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“We need to maintain our strong relationship with China both now and into the future.

“Together we need to support our local Chinese community in Western Australia. This is not a time for discrimination, this is a time for support.”

Mr McGowan said WA’s strong economic and cultural relationship with China was “potentially the strongest in the western world”.

“I’m sure that our relationship will endure what we are going through currently, but that does demonstrate why this issue is so important for us as a state,” he said.

There has been about a 13 per cent decline in the price of iron ore over the past fortnight to $US81 ($A121) per tonne, a concern for one of several concerns for a state economy heavily dependent on a lucrative trade partnership with China.

The state’s budget fortunes are also dependent on iron ore royalties.

Across China, construction has all but ground to a halt amid travel restrictions and port closures, prompting investors to dump iron ore shares.

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The government has forecast a surplus of $2.6 billion this financial year, but Treasurer Ben Wyatt said that was not yet at risk, although coronavirus would emerge as an economic and fiscal shock.

He said the economic and fiscal effects of the coronavirus on WA would emerge over time, but the economy and finances were well placed to respond.

“The budget is based on a very conservative view around the iron ore price and that is certainly something that the budget can sustain at this point,” Mr Wyatt said.

“What the impact will be of course will depend entirely upon how long the ban is in place, restrictions on travel, impacts on shipping and how long it takes to fully recover from it.”

The Premier on Monday met with representatives from the state’s mining, tourism, education and agriculture industries. All have been affected by the coronavirus outbreak and subsequent ban on arrivals from China.

Mr McGowan said he would take the concerns of the industry groups to the Commonwealth to argue for measures to support their recovery.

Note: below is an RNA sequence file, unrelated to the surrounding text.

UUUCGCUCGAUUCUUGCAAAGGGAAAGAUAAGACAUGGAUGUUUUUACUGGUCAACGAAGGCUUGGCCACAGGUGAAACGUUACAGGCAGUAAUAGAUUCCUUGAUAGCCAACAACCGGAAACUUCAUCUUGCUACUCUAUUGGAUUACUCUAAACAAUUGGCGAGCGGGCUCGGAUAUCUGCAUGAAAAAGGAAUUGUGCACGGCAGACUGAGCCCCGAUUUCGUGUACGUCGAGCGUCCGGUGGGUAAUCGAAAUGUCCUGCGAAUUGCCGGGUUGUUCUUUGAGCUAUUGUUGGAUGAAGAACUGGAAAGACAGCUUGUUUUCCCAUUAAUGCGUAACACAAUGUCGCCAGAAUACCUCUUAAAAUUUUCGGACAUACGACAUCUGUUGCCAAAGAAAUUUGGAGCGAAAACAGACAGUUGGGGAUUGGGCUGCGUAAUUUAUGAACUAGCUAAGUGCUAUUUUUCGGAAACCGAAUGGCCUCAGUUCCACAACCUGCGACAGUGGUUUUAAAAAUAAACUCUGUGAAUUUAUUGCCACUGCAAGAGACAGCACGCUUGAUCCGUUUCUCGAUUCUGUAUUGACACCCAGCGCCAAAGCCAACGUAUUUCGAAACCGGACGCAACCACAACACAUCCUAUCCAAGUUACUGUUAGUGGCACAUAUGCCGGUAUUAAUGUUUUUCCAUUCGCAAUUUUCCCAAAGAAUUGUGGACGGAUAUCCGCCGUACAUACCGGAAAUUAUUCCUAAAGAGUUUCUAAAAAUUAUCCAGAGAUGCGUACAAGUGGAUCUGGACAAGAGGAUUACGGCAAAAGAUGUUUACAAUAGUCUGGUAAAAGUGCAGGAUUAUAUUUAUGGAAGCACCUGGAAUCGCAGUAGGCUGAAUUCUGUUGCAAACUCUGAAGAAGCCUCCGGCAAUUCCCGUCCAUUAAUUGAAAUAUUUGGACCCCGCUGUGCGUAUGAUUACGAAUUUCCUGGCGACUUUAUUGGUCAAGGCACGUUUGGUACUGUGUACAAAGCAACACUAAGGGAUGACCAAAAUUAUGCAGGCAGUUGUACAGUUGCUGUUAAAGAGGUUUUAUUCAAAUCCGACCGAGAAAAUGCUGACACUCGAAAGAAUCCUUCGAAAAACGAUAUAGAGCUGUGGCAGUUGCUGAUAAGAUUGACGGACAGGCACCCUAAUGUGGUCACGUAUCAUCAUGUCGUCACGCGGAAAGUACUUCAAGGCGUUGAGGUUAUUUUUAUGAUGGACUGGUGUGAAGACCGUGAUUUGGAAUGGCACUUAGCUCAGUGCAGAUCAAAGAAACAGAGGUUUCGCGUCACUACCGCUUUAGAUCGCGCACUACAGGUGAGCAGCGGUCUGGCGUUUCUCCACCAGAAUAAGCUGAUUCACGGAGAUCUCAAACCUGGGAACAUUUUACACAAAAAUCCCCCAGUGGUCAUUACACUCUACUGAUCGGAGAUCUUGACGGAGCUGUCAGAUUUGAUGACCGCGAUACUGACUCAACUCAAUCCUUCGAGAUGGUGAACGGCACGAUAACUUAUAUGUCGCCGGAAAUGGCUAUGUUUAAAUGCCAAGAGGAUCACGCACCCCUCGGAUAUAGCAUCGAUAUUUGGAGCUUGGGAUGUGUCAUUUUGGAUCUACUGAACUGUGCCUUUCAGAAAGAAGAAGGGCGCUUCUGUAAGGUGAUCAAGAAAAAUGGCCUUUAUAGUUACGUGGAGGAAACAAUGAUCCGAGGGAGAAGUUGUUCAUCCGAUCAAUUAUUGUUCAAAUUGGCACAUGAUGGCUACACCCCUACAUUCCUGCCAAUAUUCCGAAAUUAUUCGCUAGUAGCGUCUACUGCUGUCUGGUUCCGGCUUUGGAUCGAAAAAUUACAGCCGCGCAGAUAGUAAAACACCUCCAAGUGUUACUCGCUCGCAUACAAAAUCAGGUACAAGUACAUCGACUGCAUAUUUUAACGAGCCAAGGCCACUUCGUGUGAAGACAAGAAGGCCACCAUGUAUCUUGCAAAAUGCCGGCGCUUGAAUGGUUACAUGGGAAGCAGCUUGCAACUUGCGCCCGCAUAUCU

“On the weekend, we announced nearly $3 million in a blitz campaign in the eastern states to promote Western Australia as a great place to visit,” he said.

“What we also need to do is not desert China, so we need to keep our presence in China in tourism and students and every other sense, because obviously China will resolve these issues and we need to keep a very strong relationship and very supportive relationship with China because it’s very important to us economically and culturally.”

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Mr McGowan said he would ask the Commonwealth to extend the visas of students who were prevented from arriving because of travel bans.

“This is a serious issue for our state, but we don’t need to panic and I’m confident that the resilience of the Western Australian economy will shine through until this is over,” he said.

More than 240 evacuated Australians were due to land in the state’s north on Monday on a Qantas flight from Wuhan, the epicentre of the coronavirus outbreak.

The passengers were set to arrive at the RAAF Base Learmonth near Exmouth before being taken to Christmas Island on smaller military aircraft.

Passengers underwent health checks before boarding the flight and were not allowed to travel if they were unwell.

WA authorities have nonetheless made contingency plans in case any of the passengers are ill when their flight lands.

St John Ambulance and Royal Flying Doctor aircraft will be on standby at Learmonth to transport passengers to Perth if needed.

Any affected travellers would be quarantined at either Perth Children’s Hospital or Sir Charles Gairdner Hospital.

WA was also sending a team of medical assistants to Learmonth to help with the assessment of patients.

The state is yet to record a positive test for coronavirus.

– with AAP

Nathan is WAtoday’s political reporter and the winner of the 2019 Arthur Lovekin Prize for Excellence in Journalism.

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